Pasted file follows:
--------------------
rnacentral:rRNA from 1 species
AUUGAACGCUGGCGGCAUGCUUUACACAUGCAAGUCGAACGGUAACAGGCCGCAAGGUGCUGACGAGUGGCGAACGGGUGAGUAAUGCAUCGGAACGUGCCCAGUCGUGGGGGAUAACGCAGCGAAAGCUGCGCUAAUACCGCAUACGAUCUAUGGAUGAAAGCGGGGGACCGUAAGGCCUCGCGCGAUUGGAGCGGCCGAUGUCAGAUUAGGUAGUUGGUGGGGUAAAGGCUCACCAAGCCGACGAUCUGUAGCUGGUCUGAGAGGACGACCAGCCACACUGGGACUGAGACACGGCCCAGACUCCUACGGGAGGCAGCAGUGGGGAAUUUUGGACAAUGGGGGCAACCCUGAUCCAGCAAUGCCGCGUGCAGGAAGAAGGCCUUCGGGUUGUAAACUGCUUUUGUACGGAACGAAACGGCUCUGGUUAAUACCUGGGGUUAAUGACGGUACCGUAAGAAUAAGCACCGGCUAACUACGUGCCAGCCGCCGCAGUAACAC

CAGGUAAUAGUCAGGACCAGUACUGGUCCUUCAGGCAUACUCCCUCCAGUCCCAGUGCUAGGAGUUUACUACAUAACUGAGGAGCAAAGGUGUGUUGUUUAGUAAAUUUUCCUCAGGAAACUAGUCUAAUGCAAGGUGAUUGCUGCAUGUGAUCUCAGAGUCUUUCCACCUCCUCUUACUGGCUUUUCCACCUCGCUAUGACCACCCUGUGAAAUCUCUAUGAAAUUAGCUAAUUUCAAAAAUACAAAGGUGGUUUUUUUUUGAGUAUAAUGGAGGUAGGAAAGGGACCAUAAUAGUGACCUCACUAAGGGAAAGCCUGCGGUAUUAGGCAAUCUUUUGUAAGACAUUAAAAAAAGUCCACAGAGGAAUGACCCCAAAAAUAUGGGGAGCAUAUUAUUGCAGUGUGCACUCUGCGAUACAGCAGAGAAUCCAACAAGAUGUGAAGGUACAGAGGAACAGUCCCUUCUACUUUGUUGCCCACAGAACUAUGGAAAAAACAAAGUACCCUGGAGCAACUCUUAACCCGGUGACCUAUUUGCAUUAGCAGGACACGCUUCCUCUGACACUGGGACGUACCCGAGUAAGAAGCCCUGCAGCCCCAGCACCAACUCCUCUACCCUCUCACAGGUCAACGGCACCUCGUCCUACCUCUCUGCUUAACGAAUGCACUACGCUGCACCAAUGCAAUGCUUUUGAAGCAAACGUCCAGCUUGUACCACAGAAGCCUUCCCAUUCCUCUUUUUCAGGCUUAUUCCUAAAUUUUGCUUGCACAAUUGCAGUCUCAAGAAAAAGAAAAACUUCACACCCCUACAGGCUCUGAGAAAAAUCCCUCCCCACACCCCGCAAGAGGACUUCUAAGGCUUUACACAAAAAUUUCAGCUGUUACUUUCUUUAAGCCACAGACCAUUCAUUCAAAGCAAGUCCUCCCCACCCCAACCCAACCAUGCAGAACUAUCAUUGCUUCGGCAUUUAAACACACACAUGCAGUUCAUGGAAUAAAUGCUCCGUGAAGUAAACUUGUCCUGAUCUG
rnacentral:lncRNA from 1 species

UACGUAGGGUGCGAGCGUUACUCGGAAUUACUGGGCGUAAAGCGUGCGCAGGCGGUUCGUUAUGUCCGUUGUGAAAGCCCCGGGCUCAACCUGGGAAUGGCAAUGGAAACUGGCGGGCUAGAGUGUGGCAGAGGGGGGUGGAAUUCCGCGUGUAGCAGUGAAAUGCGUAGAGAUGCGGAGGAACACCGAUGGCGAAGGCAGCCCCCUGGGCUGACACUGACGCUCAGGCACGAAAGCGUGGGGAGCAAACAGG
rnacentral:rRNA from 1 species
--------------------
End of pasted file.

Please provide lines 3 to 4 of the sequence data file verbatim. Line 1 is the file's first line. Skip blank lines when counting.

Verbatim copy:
CAGGUAAUAGUCAGGACCAGUACUGGUCCUUCAGGCAUACUCCCUCCAGUCCCAGUGCUAGGAGUUUACUACAUAACUGAGGAGCAAAGGUGUGUUGUUUAGUAAAUUUUCCUCAGGAAACUAGUCUAAUGCAAGGUGAUUGCUGCAUGUGAUCUCAGAGUCUUUCCACCUCCUCUUACUGGCUUUUCCACCUCGCUAUGACCACCCUGUGAAAUCUCUAUGAAAUUAGCUAAUUUCAAAAAUACAAAGGUGGUUUUUUUUUGAGUAUAAUGGAGGUAGGAAAGGGACCAUAAUAGUGACCUCACUAAGGGAAAGCCUGCGGUAUUAGGCAAUCUUUUGUAAGACAUUAAAAAAAGUCCACAGAGGAAUGACCCCAAAAAUAUGGGGAGCAUAUUAUUGCAGUGUGCACUCUGCGAUACAGCAGAGAAUCCAACAAGAUGUGAAGGUACAGAGGAACAGUCCCUUCUACUUUGUUGCCCACAGAACUAUGGAAAAAACAAAGUACCCUGGAGCAACUCUUAACCCGGUGACCUAUUUGCAUUAGCAGGACACGCUUCCUCUGACACUGGGACGUACCCGAGUAAGAAGCCCUGCAGCCCCAGCACCAACUCCUCUACCCUCUCACAGGUCAACGGCACCUCGUCCUACCUCUCUGCUUAACGAAUGCACUACGCUGCACCAAUGCAAUGCUUUUGAAGCAAACGUCCAGCUUGUACCACAGAAGCCUUCCCAUUCCUCUUUUUCAGGCUUAUUCCUAAAUUUUGCUUGCACAAUUGCAGUCUCAAGAAAAAGAAAAACUUCACACCCCUACAGGCUCUGAGAAAAAUCCCUCCCCACACCCCGCAAGAGGACUUCUAAGGCUUUACACAAAAAUUUCAGCUGUUACUUUCUUUAAGCCACAGACCAUUCAUUCAAAGCAAGUCCUCCCCACCCCAACCCAACCAUGCAGAACUAUCAUUGCUUCGGCAUUUAAACACACACAUGCAGUUCAUGGAAUAAAUGCUCCGUGAAGUAAACUUGUCCUGAUCUG
rnacentral:lncRNA from 1 species